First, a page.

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Gonzagans Honor Memory of Dr. Martin Luther King Jr. through Unity March, Service Work

The clouds gave way to sunshine Monday on the 25th anniversary of Martin Luther King Jr. Day. It was a perfect opportunity for Gonzaga to honor Dr. King's legacy through service. After all, it was Rev. King who said, “Life’s most urgent question is: what are you doing for others?” Photo by Rajah Bose.

The clouds gave way to sunshine on the 25th anniversary of Martin Luther King Jr. Day. It was a perfect opportunity for Gonzaga to honor Dr. King's legacy through service. Rev. King said, “Life’s most urgent question is: What are you doing for others?” Photo by Rajah Bose.

By Peter Tormey

SPOKANE, Wash. – Gonzaga faculty, staff and students joined other human rights supporters Monday (Jan. 17) in the city’s annual Unity March on the 25th anniversary of Martin Luther King Jr. Day, a federal holiday to honor the memory and accomplishments of the transformative civil rights leader. The importance of the Spokane community’s show of unity could not be clearer given the apparent attempt of domestic terrorism at the event.

Before the event began, a backpack containing what has been identified as a potent shrapnel bomb was found along the march route. Officials re-routed the march and the FBI is investigating. Gonzaga thanks the vigilance of city employees and the prompt response of Spokane Police to keep its students, faculty and staff – as well as the entire community – safe.

After the march, Gonzagans volunteered to help with the University’s MLK Day of Service at the Northeast Community Center in Hillyard by cleaning the neighborhood. Gonzaga’s AmeriCorps and VISTA staff organized the clean-up.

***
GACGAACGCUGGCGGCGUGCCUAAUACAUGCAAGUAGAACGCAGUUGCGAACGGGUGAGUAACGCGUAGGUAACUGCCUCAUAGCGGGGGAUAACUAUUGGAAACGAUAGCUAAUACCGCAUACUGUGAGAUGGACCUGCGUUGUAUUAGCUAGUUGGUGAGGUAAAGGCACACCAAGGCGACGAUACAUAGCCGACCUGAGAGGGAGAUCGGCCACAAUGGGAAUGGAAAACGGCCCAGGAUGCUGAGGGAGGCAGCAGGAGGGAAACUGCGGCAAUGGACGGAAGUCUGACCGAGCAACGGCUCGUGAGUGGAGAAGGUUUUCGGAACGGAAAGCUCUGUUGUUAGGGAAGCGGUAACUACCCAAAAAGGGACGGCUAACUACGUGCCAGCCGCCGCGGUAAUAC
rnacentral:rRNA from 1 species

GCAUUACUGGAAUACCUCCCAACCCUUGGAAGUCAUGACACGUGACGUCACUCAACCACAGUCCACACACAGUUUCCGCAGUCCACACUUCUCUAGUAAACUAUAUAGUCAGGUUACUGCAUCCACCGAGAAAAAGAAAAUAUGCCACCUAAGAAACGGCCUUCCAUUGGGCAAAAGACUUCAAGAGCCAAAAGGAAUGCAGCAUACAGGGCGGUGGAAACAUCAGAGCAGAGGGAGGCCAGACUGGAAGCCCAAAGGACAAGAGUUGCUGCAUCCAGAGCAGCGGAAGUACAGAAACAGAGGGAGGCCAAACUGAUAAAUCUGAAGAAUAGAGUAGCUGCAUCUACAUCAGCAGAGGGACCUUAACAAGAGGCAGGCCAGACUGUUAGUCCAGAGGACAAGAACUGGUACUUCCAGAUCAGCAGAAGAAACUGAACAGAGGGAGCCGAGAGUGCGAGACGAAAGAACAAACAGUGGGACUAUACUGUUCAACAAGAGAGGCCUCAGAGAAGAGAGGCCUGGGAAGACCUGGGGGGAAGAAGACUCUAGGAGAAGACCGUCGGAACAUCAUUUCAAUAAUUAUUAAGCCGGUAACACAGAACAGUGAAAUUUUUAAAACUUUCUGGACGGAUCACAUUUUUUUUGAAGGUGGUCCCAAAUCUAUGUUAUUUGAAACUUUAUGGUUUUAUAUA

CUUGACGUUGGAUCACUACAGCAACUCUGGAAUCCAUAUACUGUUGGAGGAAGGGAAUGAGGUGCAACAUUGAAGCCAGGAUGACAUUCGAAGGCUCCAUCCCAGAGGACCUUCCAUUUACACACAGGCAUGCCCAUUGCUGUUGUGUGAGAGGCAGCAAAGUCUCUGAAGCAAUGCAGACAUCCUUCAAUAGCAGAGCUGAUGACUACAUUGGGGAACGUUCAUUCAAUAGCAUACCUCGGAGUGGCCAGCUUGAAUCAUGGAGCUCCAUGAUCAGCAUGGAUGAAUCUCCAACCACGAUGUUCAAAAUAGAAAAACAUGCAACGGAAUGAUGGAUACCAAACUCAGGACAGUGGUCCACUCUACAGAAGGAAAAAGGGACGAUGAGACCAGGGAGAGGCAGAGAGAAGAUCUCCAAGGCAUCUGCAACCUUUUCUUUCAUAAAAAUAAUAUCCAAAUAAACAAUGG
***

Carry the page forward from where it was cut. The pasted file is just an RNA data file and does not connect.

After the march, Gonzagans volunteered for the University's MLK Day of Service, and cleaned up the neighborhood near the Northeast Community Center in Hillyard. Photo by Rajah Bose.

After the march, Gonzagans volunteered for the University's MLK Day of Service, and cleaned up the neighborhood near the Northeast Community Center in Hillyard. Photo by Rajah Bose.

By year-end, a street in this city will be named in honor of Martin Luther King Jr., following more than two decades of efforts to do so. The Spokane City Council last week OK’d a $3.7 million project to raze old warehouses to make way for the new street downtown and to build the first part of what will become Martin Luther King Jr. Way.

The anniversary was a perfect opportunity for Gonzaga to honor Dr. King’s legacy through service. After all, it was Rev. King who said, “Life’s most urgent question is: what are you doing for others?”

On the heels of Martin Luther King Jr. Day, several events are planned at Gonzaga to celebrate Black History Month in February. Among the highlights is a campuswide lecture and discussion by Gonzaga African-American history Instructor Kellie Carter Jackson on “Force: Understanding the Politics and Power of Violence in African-American History,” at 7 p.m., Wednesday, Feb. 16 in the Jepson Center Wolff Auditorium. The event is free, open to the public, and sponsored by Gonzaga’s Unity Multicultural Education Center.

View the following slideshow of the events:

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